French Jihadist Recruits Arrested Belgium Jewish Museum Shooting Suspect Mehdi Nemmouche
Belgian police officers stand guard at the entrance of the Jewish Museum in Brussels Reuters

French police have arrested four people allegedly involved in a jihadist recruiting network days after they held a 29-year-old Islamist extremist over the deadly shooting at the Jewish Museum of Belgium in Brussels.

French Interior Minister Bernard Cazeneuve said the new arrests were made by security forces carrying out an operation against "people who recruits jihadists" in the Paris region and the south of France.

"We will not give terrorists a chance," Cazeneuve told Europe 1 radio, without providing further details.

French President Francois Hollande pledged to fight home-grown radicals after Mehdi Nemmouche, a 29-year-old alleged Frenchman who spent time in Syria, was detained on suspicion of shooting four people dead at Jewish Museum in Brussels last month.

"The whole government is mobilized to follow the jihadists, and prevent them from being able to cause harm," Hollande said.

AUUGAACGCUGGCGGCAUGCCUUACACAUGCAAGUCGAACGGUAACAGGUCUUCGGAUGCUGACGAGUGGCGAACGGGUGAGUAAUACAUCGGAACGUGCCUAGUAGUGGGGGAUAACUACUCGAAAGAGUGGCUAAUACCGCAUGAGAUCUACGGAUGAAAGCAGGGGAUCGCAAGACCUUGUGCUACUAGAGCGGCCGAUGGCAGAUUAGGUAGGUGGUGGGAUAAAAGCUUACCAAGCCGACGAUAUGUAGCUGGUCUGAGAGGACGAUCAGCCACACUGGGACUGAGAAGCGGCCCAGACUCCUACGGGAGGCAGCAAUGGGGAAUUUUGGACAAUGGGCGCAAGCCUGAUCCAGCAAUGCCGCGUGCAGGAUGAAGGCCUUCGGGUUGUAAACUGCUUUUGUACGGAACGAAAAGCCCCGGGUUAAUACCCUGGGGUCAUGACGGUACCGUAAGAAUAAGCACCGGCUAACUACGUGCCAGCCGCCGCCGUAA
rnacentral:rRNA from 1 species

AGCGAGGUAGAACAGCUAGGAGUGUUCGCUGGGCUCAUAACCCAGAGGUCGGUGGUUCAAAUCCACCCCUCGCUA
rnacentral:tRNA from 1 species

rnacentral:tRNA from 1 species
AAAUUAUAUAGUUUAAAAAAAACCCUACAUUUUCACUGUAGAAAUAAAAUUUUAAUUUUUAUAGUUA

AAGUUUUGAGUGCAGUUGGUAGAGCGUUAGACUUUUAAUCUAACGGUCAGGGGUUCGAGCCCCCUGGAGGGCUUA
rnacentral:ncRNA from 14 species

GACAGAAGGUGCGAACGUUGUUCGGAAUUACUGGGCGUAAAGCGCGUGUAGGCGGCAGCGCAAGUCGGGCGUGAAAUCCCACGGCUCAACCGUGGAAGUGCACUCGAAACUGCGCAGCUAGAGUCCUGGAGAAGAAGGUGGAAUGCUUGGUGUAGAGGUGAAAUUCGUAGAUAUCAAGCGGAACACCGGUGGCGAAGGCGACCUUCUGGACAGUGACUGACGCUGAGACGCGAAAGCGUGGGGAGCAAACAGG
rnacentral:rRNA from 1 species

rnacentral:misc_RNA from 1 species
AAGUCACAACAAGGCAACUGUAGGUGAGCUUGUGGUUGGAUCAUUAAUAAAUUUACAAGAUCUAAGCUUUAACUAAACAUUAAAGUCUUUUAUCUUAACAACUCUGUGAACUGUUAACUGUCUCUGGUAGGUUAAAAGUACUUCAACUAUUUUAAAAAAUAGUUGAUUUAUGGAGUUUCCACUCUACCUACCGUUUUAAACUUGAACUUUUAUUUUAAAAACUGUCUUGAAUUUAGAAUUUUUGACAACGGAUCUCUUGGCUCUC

Nemmouche was arrested during a customs inspection in the French port city of Marseille, where he arrived on a bus from Amsterdam.

Authorities said he was in possession of firearms, large quantity of ammunition and a video claiming responsibility for the attack that shocked Europe's Jewish community.

One of the weapons was wrapped up in a white sheet scrawled with the name of the Islamic State of Iraq and the Levant (Isis), an Islamist group active in Syria and Iraq, Paris prosecutor Francois Molins said.

Nemmouche also had a portable camera on which detectives found a 40-second video, marked with the Isis logo and including a voice similar to that of the suspect claiming responsibility for the "attack in Brussels against Jews".

Molins said the suspect became radicalized in prison when he was serving time for seven convictions for crimes unrelated to terrorism including an attempted robbery.

A native of the northern French city of Roubaix, on the Belgian border Nemmouche left France for Syria upon release in 2012.

"The new elements in this investigation draws attention once more to the problem of the 'returnees' —in other words the people going to Syria to participate in combat and return afterward to our country," Belgian federal prosecutor Frederic Van Leeuw said.

Two Israeli tourists, a French citizen and a Belgian national were killed in the museum attack.